Steve Bartman and privacy.

I would like to talk about Steve Bartman, the infamous Chicago Cubs fan. For those living in caves, he was the one who may or may not have messed up a pop fly catch that may or may not have cost the Cubs going to the World Series.

Personally, I think the poor man was in the wrong place at the wrong time. If I was there, I may have done the same thing, having a couple of 10 dollar beers in me, with my radio on and the excitement of being in the crowd.

That being said, I am a great believer in personal privacy. I wonder who was the first to say this guy’s name to the media? I would not have given my name obviously. I think it took a lot of guts to go later and apologize to the Cubs team and fans, I would not have done this. I would not have said anything, to protect my personal privacy.

THE QUESTION BEING IS, if I was him, I would go to great lengths that no one knew my name. This would be difficult because a co-worker or family member would rat my name out to the press. First, I would sue that “rat” for violating my privacy. Then I would sue the papers and sports outlets that mention my name, thus depriving me of, yet again privacy. Bartman committed no crime, nor he is a public figure.

Where can privacy lines be drawn so this does not happen again?

Privacy? He was broadcast to millions! I can’t see how you could expect to have privacy at a public venue. It flies in the face of reason. If he wanted privacy he should have stayed home and watched the game on TV to see someone else make his error…er… mistake.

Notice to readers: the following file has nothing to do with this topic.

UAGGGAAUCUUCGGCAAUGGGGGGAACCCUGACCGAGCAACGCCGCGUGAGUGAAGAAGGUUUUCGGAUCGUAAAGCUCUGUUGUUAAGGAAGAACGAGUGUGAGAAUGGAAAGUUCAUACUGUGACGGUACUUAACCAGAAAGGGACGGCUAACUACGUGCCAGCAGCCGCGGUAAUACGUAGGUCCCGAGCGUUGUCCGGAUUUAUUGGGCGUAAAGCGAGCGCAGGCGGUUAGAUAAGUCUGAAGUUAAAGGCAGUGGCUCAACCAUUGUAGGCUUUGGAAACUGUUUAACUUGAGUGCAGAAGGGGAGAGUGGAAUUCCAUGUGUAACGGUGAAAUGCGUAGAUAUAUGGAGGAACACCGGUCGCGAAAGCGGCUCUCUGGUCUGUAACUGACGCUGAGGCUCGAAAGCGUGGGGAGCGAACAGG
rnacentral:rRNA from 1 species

Privacy by its very implication means “out-of-the-public-eye”. Mr. Bartman was definately NOT out of the public eye. While Mr. Bartman did not committ a crime he became an instant public figure through his unwitting actions. He chose to try and catch that ball without thought or care as to who was watching. By his own actions he became a public figure for his brief 15 minutes of fame.

The fact that some people recognized him and “ratted him out” does not make them liable for any damages because he committed his deed in a public venue on national TV. Just because you may be part of a large crowd does not give you annonymnity and privacy. You are being seen in public and IIRC public is the opposite of private correct?

The papers and sports outlets cover the news and Mr. Bartman for that instant became THE news whether he liked it or not. Mr. Bartman was not deprived of any privacy. He gave it up willingly through his own actions.

He did something, in public, that possibly changed the outcome of an event millions of people were interested in. By doing so, he also got himself shown repeatedly on (i’m assuming) every major TV channel in the United States.

What does it take to become a public figure?

Bartman broke no laws, neither civil, criminal, nor baseball. The folks blaming him for the Cubs’ pathetic performance (how do you blow a two-run lead twice?) are grasping at straws.

I think the OP raises valid issues.

The first thing I thought when I heard his home was staked out by the media was whether he had a legitimate invasion of privacy claim against the media.

Very soon thereafter, the Trib had an editorial article (Don Wycliff?) stating the Trib policy is that any private citizen loses his right/expectation of privacy when he becomes involved in a new event - wether voluntarily or not. Another example he gave was publishing the address of a gang murder victim, which the victim’s family objected to due to the possibility of retribution.

Just because this is the media’s “policy” does not, IMO, make it right. I do not believe the public’s right (read DESIRE) to know should be the ultimate arbiter. I believe the potential harms to the object of attention are sufficiently significant that they should often outweigh the public’s curiosity.

Of course, I’ve personally never been a big fan of seeing microphones shoved in the face of grieving people who just underwent trauma, seeing images of bloody or charred accident/violence victims, and the like. Guess I’m an oddball.